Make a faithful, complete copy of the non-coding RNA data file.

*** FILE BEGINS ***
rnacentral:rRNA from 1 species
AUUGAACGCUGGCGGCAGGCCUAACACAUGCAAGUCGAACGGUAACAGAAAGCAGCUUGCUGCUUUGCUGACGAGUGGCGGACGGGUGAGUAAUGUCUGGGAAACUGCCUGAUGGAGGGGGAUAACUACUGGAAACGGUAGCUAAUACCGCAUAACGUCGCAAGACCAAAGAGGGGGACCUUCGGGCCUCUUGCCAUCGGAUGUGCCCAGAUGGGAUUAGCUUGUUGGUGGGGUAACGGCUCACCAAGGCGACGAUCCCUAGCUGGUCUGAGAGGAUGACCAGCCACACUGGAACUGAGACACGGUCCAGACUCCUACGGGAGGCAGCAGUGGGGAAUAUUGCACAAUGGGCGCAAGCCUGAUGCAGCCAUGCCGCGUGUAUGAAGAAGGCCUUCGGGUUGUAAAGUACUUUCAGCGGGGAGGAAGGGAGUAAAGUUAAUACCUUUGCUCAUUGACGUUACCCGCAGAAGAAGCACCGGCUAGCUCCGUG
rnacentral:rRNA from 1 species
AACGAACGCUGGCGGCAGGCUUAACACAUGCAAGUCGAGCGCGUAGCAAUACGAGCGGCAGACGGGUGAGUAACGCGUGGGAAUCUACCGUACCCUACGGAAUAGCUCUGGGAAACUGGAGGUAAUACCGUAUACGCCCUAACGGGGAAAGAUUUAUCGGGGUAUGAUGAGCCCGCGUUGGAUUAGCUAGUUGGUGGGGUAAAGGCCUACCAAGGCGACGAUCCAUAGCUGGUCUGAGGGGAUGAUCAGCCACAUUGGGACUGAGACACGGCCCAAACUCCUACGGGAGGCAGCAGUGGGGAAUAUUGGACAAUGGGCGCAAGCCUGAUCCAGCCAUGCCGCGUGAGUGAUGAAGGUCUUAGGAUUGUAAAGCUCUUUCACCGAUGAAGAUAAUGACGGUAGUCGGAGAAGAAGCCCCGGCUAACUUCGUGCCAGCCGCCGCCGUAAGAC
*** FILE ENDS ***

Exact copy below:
rnacentral:rRNA from 1 species
AUUGAACGCUGGCGGCAGGCCUAACACAUGCAAGUCGAACGGUAACAGAAAGCAGCUUGCUGCUUUGCUGACGAGUGGCGGACGGGUGAGUAAUGUCUGGGAAACUGCCUGAUGGAGGGGGAUAACUACUGGAAACGGUAGCUAAUACCGCAUAACGUCGCAAGACCAAAGAGGGGGACCUUCGGGCCUCUUGCCAUCGGAUGUGCCCAGAUGGGAUUAGCUUGUUGGUGGGGUAACGGCUCACCAAGGCGACGAUCCCUAGCUGGUCUGAGAGGAUGACCAGCCACACUGGAACUGAGACACGGUCCAGACUCCUACGGGAGGCAGCAGUGGGGAAUAUUGCACAAUGGGCGCAAGCCUGAUGCAGCCAUGCCGCGUGUAUGAAGAAGGCCUUCGGGUUGUAAAGUACUUUCAGCGGGGAGGAAGGGAGUAAAGUUAAUACCUUUGCUCAUUGACGUUACCCGCAGAAGAAGCACCGGCUAGCUCCGUG
rnacentral:rRNA from 1 species
AACGAACGCUGGCGGCAGGCUUAACACAUGCAAGUCGAGCGCGUAGCAAUACGAGCGGCAGACGGGUGAGUAACGCGUGGGAAUCUACCGUACCCUACGGAAUAGCUCUGGGAAACUGGAGGUAAUACCGUAUACGCCCUAACGGGGAAAGAUUUAUCGGGGUAUGAUGAGCCCGCGUUGGAUUAGCUAGUUGGUGGGGUAAAGGCCUACCAAGGCGACGAUCCAUAGCUGGUCUGAGGGGAUGAUCAGCCACAUUGGGACUGAGACACGGCCCAAACUCCUACGGGAGGCAGCAGUGGGGAAUAUUGGACAAUGGGCGCAAGCCUGAUCCAGCCAUGCCGCGUGAGUGAUGAAGGUCUUAGGAUUGUAAAGCUCUUUCACCGAUGAAGAUAAUGACGGUAGUCGGAGAAGAAGCCCCGGCUAACUUCGUGCCAGCCGCCGCCGUAAGAC